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Thread: The Clam in Thailand

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    The Clam in Thailand

    Molluscum Contagiosum

    Molluscum contagiosum (MC), often called “the clam” in Thailand, is a viral skin infection which produces small, firm, raised spots or eruptions on the skin forming in little clustered lesions. These are usually painless, but some reports mild to mederate itchiness. The infection is not serious and can clear up without any treatment, but the lesions can be annoying unattractive. This disease is confined to the skin and the mucous membranes. It is transmitted through direct skin contact with an infected person. The infection is actually a worldwide endemic, and has a higher incidence in children, sexually active adults and those who are immuno-deficient. It is prevalent in Thailand as a sexually transmitted disease. Another factor may be the tropical climate and the living conditions (overcrowding, poor hygiene, etc.).

    Causes

    “The Clam” is caused by the molluscum contagiosum virus and is transmitted through direct skin contact. Handling objects that has come in contact with the infection, also called formites, is also one of the reasons for transmission. There are four types of the virus, MCV-1 to -4. MCV-1 is the most prevalent while MCV-2 is seen usually in adults and often sexually transmitted. MCV-2 is the most common type found in Thailand. The average time of incubation and appearance of lesions is 2-7 weeks and can stretch up to 6 months.

    Signs and Symptoms


    MCV lesions appear to be smooth and dome-shapes and are generally skin-colored with opalescent character. They are not painful, but sometimes itchy and easily irritated. Scratching of the lesions can cause to eruption which may lead to infection and scarring. The center of the lesion that appears waxy and depressed contains the virus. The size of the lesion may vary depending on the stage of development, but usually averages 2-6 mm. The infection is limited to a localized area of the topmost layer of the skin, but sometimes it can develop on neighboring skin areas as well. This is called autoinoculation and children are more susceptible to this.
    The virus mostly affects the trunk of the body, arms, and legs. For sexually-transmitted MCV, it affects the groin, genital area, thighs and lower abdomen.

    Diagnosis

    The diagnosis for molluscum contagiosum is clinical appearance. The virus cannot be cultures in the laboratory although the diagnosis can be confirmed through excisional biopsy.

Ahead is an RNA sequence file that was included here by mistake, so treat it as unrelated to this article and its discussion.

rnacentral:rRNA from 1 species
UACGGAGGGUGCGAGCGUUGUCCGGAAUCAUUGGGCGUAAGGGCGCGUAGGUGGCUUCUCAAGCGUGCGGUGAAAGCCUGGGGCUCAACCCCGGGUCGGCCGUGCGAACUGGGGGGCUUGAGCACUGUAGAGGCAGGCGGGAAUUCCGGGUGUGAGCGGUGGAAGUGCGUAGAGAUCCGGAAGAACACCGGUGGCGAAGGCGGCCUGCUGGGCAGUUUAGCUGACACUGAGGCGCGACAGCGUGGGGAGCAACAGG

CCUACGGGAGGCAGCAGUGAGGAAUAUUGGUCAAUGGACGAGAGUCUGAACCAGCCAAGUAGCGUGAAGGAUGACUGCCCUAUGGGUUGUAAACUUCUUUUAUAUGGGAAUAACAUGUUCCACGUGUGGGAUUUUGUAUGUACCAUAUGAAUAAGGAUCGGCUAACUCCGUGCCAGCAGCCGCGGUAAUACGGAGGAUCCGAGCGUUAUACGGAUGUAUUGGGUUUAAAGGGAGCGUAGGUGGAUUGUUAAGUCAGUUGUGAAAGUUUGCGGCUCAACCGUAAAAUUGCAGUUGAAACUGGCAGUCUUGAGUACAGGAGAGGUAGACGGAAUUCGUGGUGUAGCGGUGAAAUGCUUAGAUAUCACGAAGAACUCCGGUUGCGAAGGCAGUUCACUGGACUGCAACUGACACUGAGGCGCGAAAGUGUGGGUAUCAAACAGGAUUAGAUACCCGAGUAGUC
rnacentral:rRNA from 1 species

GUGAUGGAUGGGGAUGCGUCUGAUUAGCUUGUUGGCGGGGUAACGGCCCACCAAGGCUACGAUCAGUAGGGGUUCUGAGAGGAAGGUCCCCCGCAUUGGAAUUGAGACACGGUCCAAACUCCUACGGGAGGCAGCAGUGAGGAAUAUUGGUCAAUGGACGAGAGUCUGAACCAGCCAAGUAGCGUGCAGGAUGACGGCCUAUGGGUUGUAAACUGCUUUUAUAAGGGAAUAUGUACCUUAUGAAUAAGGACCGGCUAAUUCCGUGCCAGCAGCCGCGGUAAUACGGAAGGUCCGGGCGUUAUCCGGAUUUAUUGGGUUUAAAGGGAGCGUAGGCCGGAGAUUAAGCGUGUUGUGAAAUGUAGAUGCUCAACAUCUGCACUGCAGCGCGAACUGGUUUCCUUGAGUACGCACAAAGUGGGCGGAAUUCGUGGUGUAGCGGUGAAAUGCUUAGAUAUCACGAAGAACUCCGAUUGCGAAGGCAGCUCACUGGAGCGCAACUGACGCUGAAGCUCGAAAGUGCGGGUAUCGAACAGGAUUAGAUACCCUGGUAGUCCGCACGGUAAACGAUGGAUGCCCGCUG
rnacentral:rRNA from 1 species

Treatment

    Molluscum cantagiosum is a self-limited disease. The lesions can generally last from 2-3 months and may disappear on their own. Considering the high possibility of autoinoculation, it is best seek medical attention in order to control the spread of the virus. Treatment is often unnecessary but due to inoculation, it is highly considered by many. It should be noted though that treatments means to traumatize the lesions, which can leave pigmentary alterations or scarring.
    Some treatments for MCV available in Thailand include:

    Cryosurgery – Apply liquid nitrogen (dry ice) to each individual lesion. Repeat treatments in 2-3 weeks interval.

    Podophyllotoxin – Apply 15% (Indian podophyllum) or up to 25% solution (American podophyllum) on the warts once a week. Leave for 1-6 hr then wash off. Stop the treatment if no improvement is observed after 6 weeks. Alternatively, apply 0.5% alcoholic gel or 0.15% cream two times a day for 3 days but do not wash off. Repeat for up to 5 weeks.

    Salicylic Acid – After cleaning the area, apply 60% solution directly then cover with plaster. Repeat the process until lesions become soft which will be about 3-7 days.

    Imiquimod – As 5% cream, apply 3 times weekly for 4 weeks. The cream is applied at night and left on the skin for approximately 8 hours then wash off with mild soap and water. If no improvement is observed, a 4 week interval is needed before starting again on a 4 week treatment.



    For more information and Cure we recommend these books


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    The Complete Guide to Natural Remedies for STD STI



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    Last edited by Pee Baa Jub Jub; 27th April 2012 at 15:39.
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